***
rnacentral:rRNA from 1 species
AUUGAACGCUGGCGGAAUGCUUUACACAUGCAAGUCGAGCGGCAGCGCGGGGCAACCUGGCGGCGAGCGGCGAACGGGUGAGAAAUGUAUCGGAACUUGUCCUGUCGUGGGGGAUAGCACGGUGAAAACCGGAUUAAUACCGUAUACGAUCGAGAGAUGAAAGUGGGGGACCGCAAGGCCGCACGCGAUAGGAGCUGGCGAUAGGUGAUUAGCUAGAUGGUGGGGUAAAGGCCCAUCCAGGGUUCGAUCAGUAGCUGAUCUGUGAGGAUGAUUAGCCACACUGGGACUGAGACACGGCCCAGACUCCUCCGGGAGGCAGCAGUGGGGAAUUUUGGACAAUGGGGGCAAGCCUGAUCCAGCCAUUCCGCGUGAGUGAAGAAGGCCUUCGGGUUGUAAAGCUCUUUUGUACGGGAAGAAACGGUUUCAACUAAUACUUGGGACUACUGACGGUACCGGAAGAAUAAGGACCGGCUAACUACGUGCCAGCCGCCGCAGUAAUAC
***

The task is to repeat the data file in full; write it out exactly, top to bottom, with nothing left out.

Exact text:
rnacentral:rRNA from 1 species
AUUGAACGCUGGCGGAAUGCUUUACACAUGCAAGUCGAGCGGCAGCGCGGGGCAACCUGGCGGCGAGCGGCGAACGGGUGAGAAAUGUAUCGGAACUUGUCCUGUCGUGGGGGAUAGCACGGUGAAAACCGGAUUAAUACCGUAUACGAUCGAGAGAUGAAAGUGGGGGACCGCAAGGCCGCACGCGAUAGGAGCUGGCGAUAGGUGAUUAGCUAGAUGGUGGGGUAAAGGCCCAUCCAGGGUUCGAUCAGUAGCUGAUCUGUGAGGAUGAUUAGCCACACUGGGACUGAGACACGGCCCAGACUCCUCCGGGAGGCAGCAGUGGGGAAUUUUGGACAAUGGGGGCAAGCCUGAUCCAGCCAUUCCGCGUGAGUGAAGAAGGCCUUCGGGUUGUAAAGCUCUUUUGUACGGGAAGAAACGGUUUCAACUAAUACUUGGGACUACUGACGGUACCGGAAGAAUAAGGACCGGCUAACUACGUGCCAGCCGCCGCAGUAAUAC